Automation service limits

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Jira automation includes a set of service limits to keep your automation rules in check. When rules breach these limits, they're throttled and disabled so they don't affect your Jira instance.

When are rules breaching the limits?

You can recognize when your rules are breaching the limits by the following errors in the audit log:

  • Throttled: The audit item status is THROTTLED.
  • Detailed description: The audit item includes a more detailed description, for example:

This automation rule spent more than the allowed total time processing in the last day. Maximum allowed processing time over a day is (in minutes):

Automation for Jira has exceeded the allowed maximum number of rule executions in the last hour

A JQL search in this automation rule has exceeded the allowed maximum number of issues to retrieve per search. Only the first issues up to the following limit where processed:

View and set limits by using REST

You can view your current limits and change them by using REST.

View limits

Use the following REST call to check the limits:

https://YOUR_JIRA_INSTANCE_URL/rest/cb-automation/latest/configuration/property

Here's an example response:

{
    "max.processing.time.per.day": "3600",
    "rule.rate.per.five.second": "2",
    "short.scheduled.interval.issue.limit": "1000",
    "max.rules.per.hour": "5000",
    "max.issues.per.search": "1000",
    "max.queued.items.per.rule": "25000"
}

Set limits

To set one of the limits, use the following REST call (the Content-Type must be set to application/json). You can find the properties for each limit in the table below.

PUT https://<your Jira instance url>/rest/cb-automation/latest/configuration/property

{
    "key": "max.processing.time.per.day",
    "value": "10000"
}

Example curl command:

curl -X PUT -H 'Content-type: application/json' \
 -d '{"key": "max.rules.per.hour", "value": "10000"}' \
 https://your-instance.com/rest/cb-automation/latest/configuration/property

Service limits and their property keys

The following properties control the service limits.

Limit nameProperty keyDefault valueDescription
JQL searched issuesmax.issues.per.search1000Max number of issues that can be returned by any component that runs a search, for example JQL or Incoming Webhook trigger.
Daily processing timemax.processing.time.per.day3600

Max number of seconds a single rule can spend processing, in the last 12 hours.

If the limit is breached, the rule is taking too long to execute (might have time-consuming operations), executes too often, or the combination of both.

5 seconds period rule raterule.rate.per.five.second2

These two parameters are taken into account when there is a spike of rule execution count in short period of time to decide if rule should be throttled or not.

For more info on how this works, see How service limits affect your rules.

Max rule execution count per hourmax.rules.per.hour5000
Items queued per rulemax.queued.items.per.rule25000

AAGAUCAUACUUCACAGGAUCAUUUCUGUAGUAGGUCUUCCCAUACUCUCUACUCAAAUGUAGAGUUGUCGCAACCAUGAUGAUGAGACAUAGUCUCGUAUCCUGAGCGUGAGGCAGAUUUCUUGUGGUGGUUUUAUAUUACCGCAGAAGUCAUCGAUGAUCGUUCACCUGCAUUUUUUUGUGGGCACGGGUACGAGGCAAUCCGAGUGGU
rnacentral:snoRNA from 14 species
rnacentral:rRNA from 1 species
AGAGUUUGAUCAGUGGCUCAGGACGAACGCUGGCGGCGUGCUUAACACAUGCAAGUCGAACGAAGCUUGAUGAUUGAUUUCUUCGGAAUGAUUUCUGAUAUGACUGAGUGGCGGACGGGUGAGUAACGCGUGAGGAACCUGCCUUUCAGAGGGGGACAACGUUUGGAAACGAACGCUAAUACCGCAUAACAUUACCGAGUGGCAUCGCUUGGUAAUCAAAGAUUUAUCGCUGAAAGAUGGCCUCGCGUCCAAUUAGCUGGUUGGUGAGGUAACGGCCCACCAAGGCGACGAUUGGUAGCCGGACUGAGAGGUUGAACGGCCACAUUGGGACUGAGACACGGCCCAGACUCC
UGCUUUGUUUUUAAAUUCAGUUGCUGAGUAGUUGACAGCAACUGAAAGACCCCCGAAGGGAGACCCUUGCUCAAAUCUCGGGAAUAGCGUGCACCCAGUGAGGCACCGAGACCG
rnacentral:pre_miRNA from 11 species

Indicates how many items can be queued at the same time by a single rule.

For more info about queued items, see Queued items below.

Total items queuedmax.queued.items100000

Indicates how many items can be queued at the same time by all rules. 

For more info about queued items, see Queued items below.

Scheduled JQL issue limitshort.scheduled.interval.issue.limit1000

This limit is used to reduce the interval at which large issue searches can be performed using a scheduled trigger. If a query returns more issues than this limit, the UI shows a warning and only allow schedules of, at most, 4 times in a 24 hour period. This is a soft limit, meaning it only applies when configuring a rule.

Branch immediate priority item limitbranch.rule.immediate.priority.item.limit10

Max number of branch execution that can be executed immediately.

If a rule requires more branch executions, they will be stored in the automation queue. Such situation may happen, for example, when a branch component with a JQL query returns more issues than this value.

Outgoing webhook timeoutoutgoing.webhook.timeout.ms30000HTTP request timeout for outgoing webhooks (milliseconds).
User condition users limituser.condition.get.users.limit50Max number of users that can be retrieved from a single role by User Condition.
Thread pool sizeautomation.processing.thread.pool.size.per.node6

Number of threads used to process rules in a queue. 

By default, it's 6 threads per server (or per node in Data Center), which should be enough for most cases. If your rules execute slowly, try increasing this to 8 threads.

As a side effect, this value also defines how many elements from a queue. can be taken in one request by the queue claimer.

(warning) Increasing this value can have the opposite effect and result in worse performance if your database or server can't handle the increased load. Only increase it if you're sure your infrastructure can handle it.

Event serializer thread poll per nodeautomation.event.serializer.thread.pool.size.per.node2

Number of threads used for transforming Jira events into automation events. As such transformation can be expensive, this limit eliminates bottlenecks.